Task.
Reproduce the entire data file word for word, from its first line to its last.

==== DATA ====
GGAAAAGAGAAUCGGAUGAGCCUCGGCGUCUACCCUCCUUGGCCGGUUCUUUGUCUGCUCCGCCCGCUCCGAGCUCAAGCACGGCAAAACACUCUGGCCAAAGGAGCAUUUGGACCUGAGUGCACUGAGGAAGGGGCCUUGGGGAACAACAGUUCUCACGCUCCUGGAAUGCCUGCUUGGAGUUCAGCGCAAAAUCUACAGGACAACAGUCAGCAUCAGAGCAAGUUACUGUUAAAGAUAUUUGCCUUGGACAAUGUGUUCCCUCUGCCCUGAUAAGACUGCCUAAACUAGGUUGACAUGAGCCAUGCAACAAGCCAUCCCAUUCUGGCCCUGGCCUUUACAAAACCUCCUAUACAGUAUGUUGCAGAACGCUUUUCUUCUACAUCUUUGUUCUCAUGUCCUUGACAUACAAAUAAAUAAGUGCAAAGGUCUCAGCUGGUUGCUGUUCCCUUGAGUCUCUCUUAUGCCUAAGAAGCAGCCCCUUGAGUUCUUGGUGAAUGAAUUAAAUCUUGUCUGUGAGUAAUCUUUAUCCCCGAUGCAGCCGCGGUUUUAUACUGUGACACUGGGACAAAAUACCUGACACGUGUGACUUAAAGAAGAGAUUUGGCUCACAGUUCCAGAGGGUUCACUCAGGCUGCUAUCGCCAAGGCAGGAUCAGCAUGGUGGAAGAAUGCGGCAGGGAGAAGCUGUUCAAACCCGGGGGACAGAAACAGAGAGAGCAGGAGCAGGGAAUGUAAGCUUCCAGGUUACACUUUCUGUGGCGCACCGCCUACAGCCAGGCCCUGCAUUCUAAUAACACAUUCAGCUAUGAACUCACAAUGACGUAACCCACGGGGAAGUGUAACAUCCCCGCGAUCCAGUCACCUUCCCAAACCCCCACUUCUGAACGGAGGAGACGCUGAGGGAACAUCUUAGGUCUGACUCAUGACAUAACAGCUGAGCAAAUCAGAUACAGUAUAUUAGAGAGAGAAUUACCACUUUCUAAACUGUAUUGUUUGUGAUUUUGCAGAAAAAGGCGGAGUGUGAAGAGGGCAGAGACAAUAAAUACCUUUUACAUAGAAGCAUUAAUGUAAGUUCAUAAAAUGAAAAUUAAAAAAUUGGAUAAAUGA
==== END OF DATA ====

GGAAAAGAGAAUCGGAUGAGCCUCGGCGUCUACCCUCCUUGGCCGGUUCUUUGUCUGCUCCGCCCGCUCCGAGCUCAAGCACGGCAAAACACUCUGGCCAAAGGAGCAUUUGGACCUGAGUGCACUGAGGAAGGGGCCUUGGGGAACAACAGUUCUCACGCUCCUGGAAUGCCUGCUUGGAGUUCAGCGCAAAAUCUACAGGACAACAGUCAGCAUCAGAGCAAGUUACUGUUAAAGAUAUUUGCCUUGGACAAUGUGUUCCCUCUGCCCUGAUAAGACUGCCUAAACUAGGUUGACAUGAGCCAUGCAACAAGCCAUCCCAUUCUGGCCCUGGCCUUUACAAAACCUCCUAUACAGUAUGUUGCAGAACGCUUUUCUUCUACAUCUUUGUUCUCAUGUCCUUGACAUACAAAUAAAUAAGUGCAAAGGUCUCAGCUGGUUGCUGUUCCCUUGAGUCUCUCUUAUGCCUAAGAAGCAGCCCCUUGAGUUCUUGGUGAAUGAAUUAAAUCUUGUCUGUGAGUAAUCUUUAUCCCCGAUGCAGCCGCGGUUUUAUACUGUGACACUGGGACAAAAUACCUGACACGUGUGACUUAAAGAAGAGAUUUGGCUCACAGUUCCAGAGGGUUCACUCAGGCUGCUAUCGCCAAGGCAGGAUCAGCAUGGUGGAAGAAUGCGGCAGGGAGAAGCUGUUCAAACCCGGGGGACAGAAACAGAGAGAGCAGGAGCAGGGAAUGUAAGCUUCCAGGUUACACUUUCUGUGGCGCACCGCCUACAGCCAGGCCCUGCAUUCUAAUAACACAUUCAGCUAUGAACUCACAAUGACGUAACCCACGGGGAAGUGUAACAUCCCCGCGAUCCAGUCACCUUCCCAAACCCCCACUUCUGAACGGAGGAGACGCUGAGGGAACAUCUUAGGUCUGACUCAUGACAUAACAGCUGAGCAAAUCAGAUACAGUAUAUUAGAGAGAGAAUUACCACUUUCUAAACUGUAUUGUUUGUGAUUUUGCAGAAAAAGGCGGAGUGUGAAGAGGGCAGAGACAAUAAAUACCUUUUACAUAGAAGCAUUAAUGUAAGUUCAUAAAAUGAAAAUUAAAAAAUUGGAUAAAUGA